UC Davis Professor Andreas Bäumler will be awarded the Robert Koch Prize on November 19, 2021 in Berlin. The recognition is for his groundbreaking research on the role of intestinal epithelium in the composition of microbiota and its effects in infectious and inflammatory diseases.
The prize, which includes 120,000 euros, is one of the most prestigious scientific awards in Germany.
He will share the award with Professor Yasmine Belkaid, immunologist and senior investigator at the National Institute of Allergy and Infectious Diseases (NIAID), and adjunct professor at the University of Pennsylvania.
“I thank the Robert Koch Foundation for this recognition. This is a great honor made possible by the dedicated work of present and former lab members and collaborators,” Bäumler said.
Andreas Bäumler is vice-chair of research and professor at the Department of Medical Microbiology and Immunology at UC Davis School of Medicine and at the College of Biological Sciences. He studied biosciences in Tübingen and earned his doctorate studying iron uptake and iron‐regulated genes in the bacteria Escherichia coli and Yersinia enterocolitica. He also conducted research at Oregon Health Sciences University and at Texas A&M University. Since 2005, he has been a professor at the University of California, Davis.
Bäumler is being honored for his pioneering work on the way intestinal epithelium cells regulate microflora composition and function. He was able to show that cellular respiration of the intestinal cells and their energy metabolism play an essential role in this. Bäumler's research provides completely new starting points for restoring the balance between microflora and the human body.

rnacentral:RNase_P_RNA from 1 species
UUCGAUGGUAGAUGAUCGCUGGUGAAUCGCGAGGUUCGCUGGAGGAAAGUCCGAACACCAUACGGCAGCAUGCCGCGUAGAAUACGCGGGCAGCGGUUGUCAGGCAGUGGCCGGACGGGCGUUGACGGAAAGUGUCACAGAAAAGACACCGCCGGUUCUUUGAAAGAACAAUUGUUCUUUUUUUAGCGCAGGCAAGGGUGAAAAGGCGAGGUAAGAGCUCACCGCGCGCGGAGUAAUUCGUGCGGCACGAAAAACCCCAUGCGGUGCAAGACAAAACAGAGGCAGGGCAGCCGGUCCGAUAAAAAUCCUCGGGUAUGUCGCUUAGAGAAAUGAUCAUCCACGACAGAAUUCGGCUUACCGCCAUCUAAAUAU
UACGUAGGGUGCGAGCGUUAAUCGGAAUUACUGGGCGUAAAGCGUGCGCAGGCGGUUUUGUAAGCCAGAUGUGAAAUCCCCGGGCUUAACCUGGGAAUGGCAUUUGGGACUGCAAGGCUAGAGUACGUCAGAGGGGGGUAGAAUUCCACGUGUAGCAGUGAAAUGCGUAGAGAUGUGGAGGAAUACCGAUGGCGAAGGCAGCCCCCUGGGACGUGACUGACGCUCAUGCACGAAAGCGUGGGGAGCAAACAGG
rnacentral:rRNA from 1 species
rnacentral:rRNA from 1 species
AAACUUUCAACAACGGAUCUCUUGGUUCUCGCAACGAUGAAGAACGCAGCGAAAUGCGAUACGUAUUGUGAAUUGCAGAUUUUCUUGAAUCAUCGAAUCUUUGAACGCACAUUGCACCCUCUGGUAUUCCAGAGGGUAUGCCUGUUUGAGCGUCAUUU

“We are very excited and proud about Dr. Andreas Bäumler being honored with the Robert Koch Prize,” said Satya Dandekar, professor of microbiology and the chairperson of the Department of Medical Microbiology and Immunology at UC Davis. “Dr. Bäumler has made seminal contributions for advancing our knowledge of the microbial dysbiosis during gut inflammatory infections. He is an exceptional scientist and a great mentor to junior researchers.”
This is a great honor made possible by the dedicated work of present and former lab members and collaborators.
Robert Koch Award Ceremony
“At a time when science and research are constantly at the center of public interest and are often the subject of unfiltered discussion on social networks, it is more important than ever to honor the hard work, unwavering diligence and thirst for knowledge of all the men and women who have dedicated their lives to medicine and biology,” says Wolfgang Plischke, chairman of the Robert Koch Foundation.
Professor Kyriacos Costa Nicolaou is awarded the Robert Koch Medal in Gold. Three young scientists, Megan Stanifer, Kilian Schober and Katharina Anna Christina Schaufler will each receive a prize of 5,000 euros.
The award ceremony will take place in Berlin, on Nov. 19 at the Berlin Brandenburg Academy of Sciences. The event will be streamed on LinkedIn.
About the Robert Koch Foundation
The Robert Koch Foundation e.V. is a nonprofit foundation for the promotion of medical progress, founded in 1907 and based in Berlin. It promotes basic scientific research in the field of infectious diseases as well as exemplary projects to solve medical and hygienic problems. Every year, the foundation awards several high‐ranking scientific prizes: the Robert Koch Prize, which is one of the most important scientific awards in Germany, the Robert Koch Gold Medal, three awards for young scientists and, since 2013, the Prize for Hospital Hygiene and Infection Prevention.
Robert Koch (1843‐1910), after whom the prize is named, founded modern bacteriology. For this he received the Nobel Prize for Medicine and Physiology in 1905. Koch headed the Institute for Infectious Diseases in Berlin from 1891 until his retirement in 1904.